This program focuses on promoting the full and effective participation and leadership of women and girls in political and societal decision-making in Zimbabwe.
She Leads aims for three main results. The first is increasing women’s representation and leadership positions in civic and political institutions. Secondly, the program wants to create more space for divergent voices in public debates. Finally, women’s rights platforms, networks and alliances must become better at influencing how policies on women’s participation and leadership are crafted and implemented at local, national and regional levels.
Why do women and girls need this?
Section 56 of Zimbabwe’s Constitution protects and promotes the rights of women and men, and girls and boys. It recognizes the equality of all persons and explicitly outlaws discrimination on the grounds of sex or gender. Women and girls, therefore, ought to be able to claim their rights to full and effective participation in political and societal decision-making processes. They should have the same opportunities to be leaders and agents of change as men and boys. But they constantly face dominant, discriminatory narratives and norms that undermine their ability to participate and lead. And negative perceptions of women are exacerbated by traditional and patriarchal cultural practices.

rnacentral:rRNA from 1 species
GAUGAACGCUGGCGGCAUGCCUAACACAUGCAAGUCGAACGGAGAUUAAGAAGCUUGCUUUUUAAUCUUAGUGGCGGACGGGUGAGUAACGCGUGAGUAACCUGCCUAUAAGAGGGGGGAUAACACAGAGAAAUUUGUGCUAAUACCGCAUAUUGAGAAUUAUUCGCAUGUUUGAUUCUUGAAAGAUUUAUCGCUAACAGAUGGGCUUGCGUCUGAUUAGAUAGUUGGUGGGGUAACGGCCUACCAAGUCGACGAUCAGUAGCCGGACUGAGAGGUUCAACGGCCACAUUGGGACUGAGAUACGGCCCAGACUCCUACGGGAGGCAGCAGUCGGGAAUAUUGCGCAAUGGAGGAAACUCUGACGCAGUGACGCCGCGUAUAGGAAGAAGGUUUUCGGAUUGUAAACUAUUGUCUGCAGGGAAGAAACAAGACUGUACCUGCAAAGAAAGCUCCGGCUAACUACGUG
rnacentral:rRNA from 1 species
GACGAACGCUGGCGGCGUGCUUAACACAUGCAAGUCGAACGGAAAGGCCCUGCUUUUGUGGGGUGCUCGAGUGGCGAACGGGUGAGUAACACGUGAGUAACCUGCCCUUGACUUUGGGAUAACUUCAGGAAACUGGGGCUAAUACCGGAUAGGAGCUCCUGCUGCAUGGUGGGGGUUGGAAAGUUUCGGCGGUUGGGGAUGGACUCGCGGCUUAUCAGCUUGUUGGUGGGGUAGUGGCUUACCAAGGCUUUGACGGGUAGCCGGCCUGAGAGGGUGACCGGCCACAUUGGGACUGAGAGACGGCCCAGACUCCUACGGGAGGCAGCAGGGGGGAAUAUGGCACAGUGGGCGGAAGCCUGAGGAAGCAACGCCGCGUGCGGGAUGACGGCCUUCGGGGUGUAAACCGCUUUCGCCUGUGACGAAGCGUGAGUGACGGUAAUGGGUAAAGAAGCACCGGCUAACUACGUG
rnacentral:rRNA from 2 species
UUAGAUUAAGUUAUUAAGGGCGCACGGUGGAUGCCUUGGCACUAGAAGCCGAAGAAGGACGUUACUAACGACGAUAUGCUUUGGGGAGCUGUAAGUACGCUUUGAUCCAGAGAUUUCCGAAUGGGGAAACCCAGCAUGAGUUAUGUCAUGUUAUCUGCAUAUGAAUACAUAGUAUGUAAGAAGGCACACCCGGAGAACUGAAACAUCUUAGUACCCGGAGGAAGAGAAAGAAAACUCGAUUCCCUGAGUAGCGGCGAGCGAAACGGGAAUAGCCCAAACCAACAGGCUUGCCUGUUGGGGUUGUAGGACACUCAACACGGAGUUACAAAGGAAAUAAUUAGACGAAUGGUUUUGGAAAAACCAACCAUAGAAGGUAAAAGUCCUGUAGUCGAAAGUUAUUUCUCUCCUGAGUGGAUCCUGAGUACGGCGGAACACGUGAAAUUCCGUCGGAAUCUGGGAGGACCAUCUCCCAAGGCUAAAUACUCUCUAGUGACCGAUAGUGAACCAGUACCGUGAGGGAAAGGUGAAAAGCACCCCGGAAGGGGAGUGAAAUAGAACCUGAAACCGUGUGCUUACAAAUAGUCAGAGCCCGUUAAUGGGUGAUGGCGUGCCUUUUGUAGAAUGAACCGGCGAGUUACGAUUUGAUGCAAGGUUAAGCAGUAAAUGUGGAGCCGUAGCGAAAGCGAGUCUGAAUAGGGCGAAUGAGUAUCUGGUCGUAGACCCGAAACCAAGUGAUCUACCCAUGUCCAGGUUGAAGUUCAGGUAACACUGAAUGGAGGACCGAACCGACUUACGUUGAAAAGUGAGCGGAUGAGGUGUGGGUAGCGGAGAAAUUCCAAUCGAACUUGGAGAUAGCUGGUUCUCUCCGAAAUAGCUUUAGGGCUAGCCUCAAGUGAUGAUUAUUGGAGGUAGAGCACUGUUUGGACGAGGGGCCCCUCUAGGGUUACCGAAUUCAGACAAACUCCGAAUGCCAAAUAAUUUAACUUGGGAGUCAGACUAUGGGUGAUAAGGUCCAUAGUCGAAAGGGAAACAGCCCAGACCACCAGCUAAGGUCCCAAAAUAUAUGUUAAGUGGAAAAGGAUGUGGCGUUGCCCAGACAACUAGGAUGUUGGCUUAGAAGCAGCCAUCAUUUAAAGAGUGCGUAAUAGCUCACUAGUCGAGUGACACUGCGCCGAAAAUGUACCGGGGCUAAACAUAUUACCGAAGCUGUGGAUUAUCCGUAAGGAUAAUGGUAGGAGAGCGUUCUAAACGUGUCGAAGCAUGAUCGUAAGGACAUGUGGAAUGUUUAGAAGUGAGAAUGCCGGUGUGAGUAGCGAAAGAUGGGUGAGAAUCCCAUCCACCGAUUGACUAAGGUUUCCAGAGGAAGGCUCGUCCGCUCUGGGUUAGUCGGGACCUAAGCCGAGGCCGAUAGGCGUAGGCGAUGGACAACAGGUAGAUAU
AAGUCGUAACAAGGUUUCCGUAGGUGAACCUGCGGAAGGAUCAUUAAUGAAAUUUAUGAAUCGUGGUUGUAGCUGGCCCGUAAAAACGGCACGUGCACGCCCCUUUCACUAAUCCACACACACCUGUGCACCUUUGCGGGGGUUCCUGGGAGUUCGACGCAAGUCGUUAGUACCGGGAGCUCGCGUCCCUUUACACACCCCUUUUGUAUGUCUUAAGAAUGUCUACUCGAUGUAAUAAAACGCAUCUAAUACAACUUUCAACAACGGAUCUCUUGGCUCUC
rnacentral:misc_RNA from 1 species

How She Leads operates
Women leaders and women’s organizations are the main focus of She Leads. The program builds a support network of likeminded organizations with policies that support the personal development of women leaders and activists. She Leads also helps civic organizations develop gender-sensitive policies and tools, strengthen their capacity to advocate for women’s leadership, and attract women leaders to their ranks to make their work even more effective.
She Leads directly engages with the media and the creative sector to create content that is gender sensitive and supported by facts. The program then presents the public with engaging and easily accessible content that stimulates active support for gender equality in leadership. This takes on many forms. For example, stories of successful women leaders and of women leaders as opinion leaders. But also through dialogues, debates, interviews, opinion pieces, media articles, and artistic productions.
The project is implemented in Zimbabwe. It works at the sub-national and grassroots levels to better support young people and women from marginalized communities.